What is duration?
A bond’s duration is a measure of how sensitive its price is to a given change in interest rates.
The concept of duration is very important for fixed income investors as it essentially measures how sensitive a bond’s price is to interest rate movements, usually stated as a number of years.
Bond prices are said to have an inverse relationship with interest rates. Therefore, if interest rates rise, bond prices are likely to fall and if interest rates fall, bond prices are more likely to rise.
Bond investors should be aware that there are two main risks that can affect a bond's investment value: credit risk (the risk that an issuer of bonds will default on its payment obligations) and interest rate risk (rate fluctuations). Controlling the duration of a fund is one way a fund managers can use to mitigate the impact of the latter.
If a bond has a longer duration, investors would receive the coupon payments for longer and have the principal amount invested returned at a later date and so the bond's price is more likely to fall following a rise in interest rates. Therefore, the price of a bond with a shorter duration will be less impacted by a rise or fall in interest rates than the price of a bond with a longer duration.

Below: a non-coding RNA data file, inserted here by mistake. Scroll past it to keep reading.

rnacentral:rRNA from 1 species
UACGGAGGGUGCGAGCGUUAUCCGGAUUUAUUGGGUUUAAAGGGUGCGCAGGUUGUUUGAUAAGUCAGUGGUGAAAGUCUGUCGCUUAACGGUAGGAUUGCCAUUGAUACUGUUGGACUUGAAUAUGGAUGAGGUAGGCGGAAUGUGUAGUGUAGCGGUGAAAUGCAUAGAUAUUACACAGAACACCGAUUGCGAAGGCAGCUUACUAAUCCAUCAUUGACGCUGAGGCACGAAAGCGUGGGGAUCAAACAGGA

For a ‘zero coupon’ bond* with a duration of 20 years could experience a fall in capital value of 20% if interest rates rise by 1%. Another similar bond with a duration of just 2 years will only experience a drop in capital value of 2% for the same 1% rate rise.
*A bond that is issued at a deep discount to its face value but doesn’t pay interest.
To illustrate the possible impact of duration with changes in interest rates on bond prices, AXA Investment Managers have designed a simple tool to help visualise this important characteristic of a bond – or bond fund.
This is your chance to become a central banker and a fund manager all at the same time!
*Assumes this is a ‘zero coupon’ bond.
Please note that this is for illustrative purposes only and no investment decisions should be made based on the tool. It does not take into account any other market variables that may affect the value of a bond or bond fund, apart from interest rates and duration.